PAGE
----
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Someone’s living and, oh gosh, it’s me

by davesandel on August 18th, 2021

Wednesday, August 18, 2021                         (today’s lectionary)

Someone’s living and, oh gosh, it’s me

All the citizens of Shechem proceeded to make Abimelech king. Then his brother Jotham went to the top of Mt. Gerizim and cried out at the top of his voice.

Abimelech had all of his brothers killed, save Jotham, who escaped. Gideon, who had seventy wives and one concubine, had seventy one sons. He saved Israel from their enemies and then turned down an offer to become king, but when he died things went far awry.

So Jotham climbed a mountain and called out the people, who had offered kingship to good judges like Deborah and Gideon. Jotham said that like olive and fig trees, like vineyards full of grapes for wine, they did not take advantage of the people or try to replace Yahweh with their own.

Abimelech, on the other hand, took advantage every time he could. Personal power was all that mattered to him. He was like the brambles, offering shade which he could not give, but threatening fire and destruction to those who did not lie down in his shadow.

Jotham’s parable was true, and people understood it. But he had to flee. Politics and religion divided the people, then just as they do now. Had he stuck around he would have been killed like his 69 brothers.

Lord, in your strength the king is glad. You made him a blessing forever, you gladdened him with the joy of your face.

Why include Psalm 21, or the gospel story from Matthew 20 in the lectionary with this terrible tale from the book of Judges? How about this?

Many of the regular folks, the common people of Israel, despaired of their leaders’ righteousness. They yearned, as we do, for men and women who were not corrupt, who did not have to hide from accusation and complaint, who listened to God and followed what they heard. These people were hard to find, and to keep alive.

Jesus’ story of the workers in the vineyard is about the people, and their inability to let God be God. But it’s also about the landowner, the leader who hears God’s direction and then obeys. God bestows grace on all of us equally, and that translates to wages and opportunity in the vineyard. Can the landlord just stay out of the way, and let God bless the folks who pick the grapes?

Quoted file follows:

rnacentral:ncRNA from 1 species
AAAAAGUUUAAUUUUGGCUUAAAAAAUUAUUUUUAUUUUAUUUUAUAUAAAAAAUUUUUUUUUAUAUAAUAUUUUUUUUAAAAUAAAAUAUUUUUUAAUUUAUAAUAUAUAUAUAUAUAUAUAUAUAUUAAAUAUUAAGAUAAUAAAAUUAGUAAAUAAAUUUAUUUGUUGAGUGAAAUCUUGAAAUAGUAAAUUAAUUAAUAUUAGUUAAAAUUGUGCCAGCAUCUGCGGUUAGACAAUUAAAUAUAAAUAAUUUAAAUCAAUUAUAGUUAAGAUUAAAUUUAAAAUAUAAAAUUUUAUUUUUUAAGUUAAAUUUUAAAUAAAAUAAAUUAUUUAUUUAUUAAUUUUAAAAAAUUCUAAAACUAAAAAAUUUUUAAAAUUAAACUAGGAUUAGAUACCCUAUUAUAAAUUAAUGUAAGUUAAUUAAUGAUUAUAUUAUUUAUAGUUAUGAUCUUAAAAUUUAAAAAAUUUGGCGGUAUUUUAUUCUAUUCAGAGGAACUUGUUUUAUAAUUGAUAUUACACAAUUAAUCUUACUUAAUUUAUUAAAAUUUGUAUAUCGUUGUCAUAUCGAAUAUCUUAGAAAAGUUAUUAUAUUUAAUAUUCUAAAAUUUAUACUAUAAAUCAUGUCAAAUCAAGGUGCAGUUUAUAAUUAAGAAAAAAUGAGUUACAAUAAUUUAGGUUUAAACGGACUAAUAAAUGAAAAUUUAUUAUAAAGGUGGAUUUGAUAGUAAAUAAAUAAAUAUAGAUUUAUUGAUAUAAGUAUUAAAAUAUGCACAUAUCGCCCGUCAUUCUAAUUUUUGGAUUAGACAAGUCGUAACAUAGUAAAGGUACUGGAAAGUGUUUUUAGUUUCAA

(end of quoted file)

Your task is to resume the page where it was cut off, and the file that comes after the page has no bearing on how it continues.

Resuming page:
Summon the laborers and give them their pay, beginning with the last and ending with the first. Each received the usual daily wage, whether they worked an hour or all day. Some complained. “But these last ones only worked a little while, while we bore the whole day’s burden and the heat.”

If I think about it for even a minute or two, of course I want that kind of landlord. There will certainly come a day when I’m the one in the vineyard for just an hour.

But if all of us are treated equally regardless of our work, will we still feel free to accomplish more for ourselves? Political journalist and sociologist David Brooks says that liberals focus on equality, and conservatives focus on freedom. Parker Palmer in The Healing of Democracy points out that the United States and other countries thrive because those two groups take turns at leadership, so both equality and freedom get a chance to grow.

But “thrive” is a big word. The system has never worked very well. And that’s because, I think, the rest of Jesus’ story is kind of forgotten: that last becoming first part.

What if I wish to give this last one the same as you? Or am I not free to do as I wish with my own money? Are you envious because I am generous? Thus, the last will be first, and the first will be last.

When I accept, surrender my position and find my right place in God’s world, I never need be first again.  God needs that from all of us. Watching others get blessed is what I do, what all God’s children do.

And then Donovan’s little ditty comes alive. Happy I am, all on a new day.

(Judges 9, Psalm 21, Hebrews 4, Matthew 20)

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